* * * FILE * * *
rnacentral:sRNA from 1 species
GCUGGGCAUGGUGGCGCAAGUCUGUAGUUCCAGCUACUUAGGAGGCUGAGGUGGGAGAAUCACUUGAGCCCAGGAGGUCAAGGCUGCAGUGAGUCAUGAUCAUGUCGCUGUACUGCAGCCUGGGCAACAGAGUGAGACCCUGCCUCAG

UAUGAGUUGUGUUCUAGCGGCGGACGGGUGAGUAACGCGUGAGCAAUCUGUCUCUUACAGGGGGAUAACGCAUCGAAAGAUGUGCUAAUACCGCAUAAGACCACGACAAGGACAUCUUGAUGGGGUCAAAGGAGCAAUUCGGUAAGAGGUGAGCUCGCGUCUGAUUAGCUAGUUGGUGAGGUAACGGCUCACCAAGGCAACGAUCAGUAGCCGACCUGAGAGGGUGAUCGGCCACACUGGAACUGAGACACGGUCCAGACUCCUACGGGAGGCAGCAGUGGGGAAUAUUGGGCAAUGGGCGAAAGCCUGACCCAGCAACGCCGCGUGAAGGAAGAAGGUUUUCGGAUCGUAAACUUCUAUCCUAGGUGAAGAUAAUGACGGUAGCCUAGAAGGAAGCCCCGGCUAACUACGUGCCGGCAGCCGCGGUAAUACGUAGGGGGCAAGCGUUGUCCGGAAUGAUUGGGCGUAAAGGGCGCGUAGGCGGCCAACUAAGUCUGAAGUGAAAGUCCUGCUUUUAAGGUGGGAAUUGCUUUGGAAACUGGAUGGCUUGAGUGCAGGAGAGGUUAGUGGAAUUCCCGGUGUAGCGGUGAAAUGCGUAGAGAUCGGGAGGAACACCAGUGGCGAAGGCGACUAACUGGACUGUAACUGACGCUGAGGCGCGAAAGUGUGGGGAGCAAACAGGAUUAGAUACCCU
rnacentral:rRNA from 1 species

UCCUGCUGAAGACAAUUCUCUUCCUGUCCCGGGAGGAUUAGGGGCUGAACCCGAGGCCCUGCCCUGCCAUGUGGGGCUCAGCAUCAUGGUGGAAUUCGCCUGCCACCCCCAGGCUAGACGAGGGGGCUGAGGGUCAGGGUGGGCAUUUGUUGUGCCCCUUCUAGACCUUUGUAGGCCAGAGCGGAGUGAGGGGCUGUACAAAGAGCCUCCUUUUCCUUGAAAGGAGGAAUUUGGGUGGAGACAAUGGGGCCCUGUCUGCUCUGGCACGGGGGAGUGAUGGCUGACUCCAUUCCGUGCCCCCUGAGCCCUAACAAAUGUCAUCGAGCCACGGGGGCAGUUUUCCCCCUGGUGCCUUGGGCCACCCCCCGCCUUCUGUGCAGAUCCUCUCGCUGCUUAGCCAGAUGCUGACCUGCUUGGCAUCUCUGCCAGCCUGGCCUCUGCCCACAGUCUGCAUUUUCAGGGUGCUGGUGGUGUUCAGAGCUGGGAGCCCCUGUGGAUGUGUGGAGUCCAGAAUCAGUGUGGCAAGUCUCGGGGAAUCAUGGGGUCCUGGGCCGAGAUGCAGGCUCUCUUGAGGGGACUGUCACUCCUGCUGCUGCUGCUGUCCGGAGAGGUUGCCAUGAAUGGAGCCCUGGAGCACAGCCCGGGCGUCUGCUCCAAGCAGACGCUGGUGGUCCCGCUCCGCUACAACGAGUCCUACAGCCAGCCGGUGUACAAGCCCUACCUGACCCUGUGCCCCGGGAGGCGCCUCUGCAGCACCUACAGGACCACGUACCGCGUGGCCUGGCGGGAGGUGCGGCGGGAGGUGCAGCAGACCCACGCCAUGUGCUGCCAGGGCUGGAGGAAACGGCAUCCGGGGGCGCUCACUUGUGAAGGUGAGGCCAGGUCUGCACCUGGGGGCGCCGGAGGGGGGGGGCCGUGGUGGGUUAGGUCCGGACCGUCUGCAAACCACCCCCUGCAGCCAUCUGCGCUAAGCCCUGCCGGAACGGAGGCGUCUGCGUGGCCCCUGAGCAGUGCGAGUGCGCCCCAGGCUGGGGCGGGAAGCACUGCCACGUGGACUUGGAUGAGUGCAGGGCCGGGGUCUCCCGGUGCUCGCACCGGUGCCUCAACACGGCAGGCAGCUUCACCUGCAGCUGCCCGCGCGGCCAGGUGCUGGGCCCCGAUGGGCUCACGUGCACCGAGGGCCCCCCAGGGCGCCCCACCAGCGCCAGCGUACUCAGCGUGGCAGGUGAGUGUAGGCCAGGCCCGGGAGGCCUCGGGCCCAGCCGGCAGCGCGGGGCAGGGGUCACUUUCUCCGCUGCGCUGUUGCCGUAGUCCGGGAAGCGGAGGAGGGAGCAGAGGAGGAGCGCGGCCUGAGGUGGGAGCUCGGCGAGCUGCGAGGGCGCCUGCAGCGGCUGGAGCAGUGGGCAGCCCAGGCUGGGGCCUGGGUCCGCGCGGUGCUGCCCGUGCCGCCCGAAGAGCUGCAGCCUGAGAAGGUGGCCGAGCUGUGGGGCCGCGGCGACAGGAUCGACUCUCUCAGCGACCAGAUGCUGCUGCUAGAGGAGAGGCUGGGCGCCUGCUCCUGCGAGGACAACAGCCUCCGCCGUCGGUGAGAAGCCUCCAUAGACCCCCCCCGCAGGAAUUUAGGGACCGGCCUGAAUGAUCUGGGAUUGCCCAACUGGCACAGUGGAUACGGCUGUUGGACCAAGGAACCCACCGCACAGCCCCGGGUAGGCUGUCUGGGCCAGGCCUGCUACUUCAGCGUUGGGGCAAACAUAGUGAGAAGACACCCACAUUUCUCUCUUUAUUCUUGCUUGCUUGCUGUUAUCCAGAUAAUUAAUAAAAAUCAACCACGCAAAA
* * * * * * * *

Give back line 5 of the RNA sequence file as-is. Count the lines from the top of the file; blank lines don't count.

UCCUGCUGAAGACAAUUCUCUUCCUGUCCCGGGAGGAUUAGGGGCUGAACCCGAGGCCCUGCCCUGCCAUGUGGGGCUCAGCAUCAUGGUGGAAUUCGCCUGCCACCCCCAGGCUAGACGAGGGGGCUGAGGGUCAGGGUGGGCAUUUGUUGUGCCCCUUCUAGACCUUUGUAGGCCAGAGCGGAGUGAGGGGCUGUACAAAGAGCCUCCUUUUCCUUGAAAGGAGGAAUUUGGGUGGAGACAAUGGGGCCCUGUCUGCUCUGGCACGGGGGAGUGAUGGCUGACUCCAUUCCGUGCCCCCUGAGCCCUAACAAAUGUCAUCGAGCCACGGGGGCAGUUUUCCCCCUGGUGCCUUGGGCCACCCCCCGCCUUCUGUGCAGAUCCUCUCGCUGCUUAGCCAGAUGCUGACCUGCUUGGCAUCUCUGCCAGCCUGGCCUCUGCCCACAGUCUGCAUUUUCAGGGUGCUGGUGGUGUUCAGAGCUGGGAGCCCCUGUGGAUGUGUGGAGUCCAGAAUCAGUGUGGCAAGUCUCGGGGAAUCAUGGGGUCCUGGGCCGAGAUGCAGGCUCUCUUGAGGGGACUGUCACUCCUGCUGCUGCUGCUGUCCGGAGAGGUUGCCAUGAAUGGAGCCCUGGAGCACAGCCCGGGCGUCUGCUCCAAGCAGACGCUGGUGGUCCCGCUCCGCUACAACGAGUCCUACAGCCAGCCGGUGUACAAGCCCUACCUGACCCUGUGCCCCGGGAGGCGCCUCUGCAGCACCUACAGGACCACGUACCGCGUGGCCUGGCGGGAGGUGCGGCGGGAGGUGCAGCAGACCCACGCCAUGUGCUGCCAGGGCUGGAGGAAACGGCAUCCGGGGGCGCUCACUUGUGAAGGUGAGGCCAGGUCUGCACCUGGGGGCGCCGGAGGGGGGGGGCCGUGGUGGGUUAGGUCCGGACCGUCUGCAAACCACCCCCUGCAGCCAUCUGCGCUAAGCCCUGCCGGAACGGAGGCGUCUGCGUGGCCCCUGAGCAGUGCGAGUGCGCCCCAGGCUGGGGCGGGAAGCACUGCCACGUGGACUUGGAUGAGUGCAGGGCCGGGGUCUCCCGGUGCUCGCACCGGUGCCUCAACACGGCAGGCAGCUUCACCUGCAGCUGCCCGCGCGGCCAGGUGCUGGGCCCCGAUGGGCUCACGUGCACCGAGGGCCCCCCAGGGCGCCCCACCAGCGCCAGCGUACUCAGCGUGGCAGGUGAGUGUAGGCCAGGCCCGGGAGGCCUCGGGCCCAGCCGGCAGCGCGGGGCAGGGGUCACUUUCUCCGCUGCGCUGUUGCCGUAGUCCGGGAAGCGGAGGAGGGAGCAGAGGAGGAGCGCGGCCUGAGGUGGGAGCUCGGCGAGCUGCGAGGGCGCCUGCAGCGGCUGGAGCAGUGGGCAGCCCAGGCUGGGGCCUGGGUCCGCGCGGUGCUGCCCGUGCCGCCCGAAGAGCUGCAGCCUGAGAAGGUGGCCGAGCUGUGGGGCCGCGGCGACAGGAUCGACUCUCUCAGCGACCAGAUGCUGCUGCUAGAGGAGAGGCUGGGCGCCUGCUCCUGCGAGGACAACAGCCUCCGCCGUCGGUGAGAAGCCUCCAUAGACCCCCCCCGCAGGAAUUUAGGGACCGGCCUGAAUGAUCUGGGAUUGCCCAACUGGCACAGUGGAUACGGCUGUUGGACCAAGGAACCCACCGCACAGCCCCGGGUAGGCUGUCUGGGCCAGGCCUGCUACUUCAGCGUUGGGGCAAACAUAGUGAGAAGACACCCACAUUUCUCUCUUUAUUCUUGCUUGCUUGCUGUUAUCCAGAUAAUUAAUAAAAAUCAACCACGCAAAA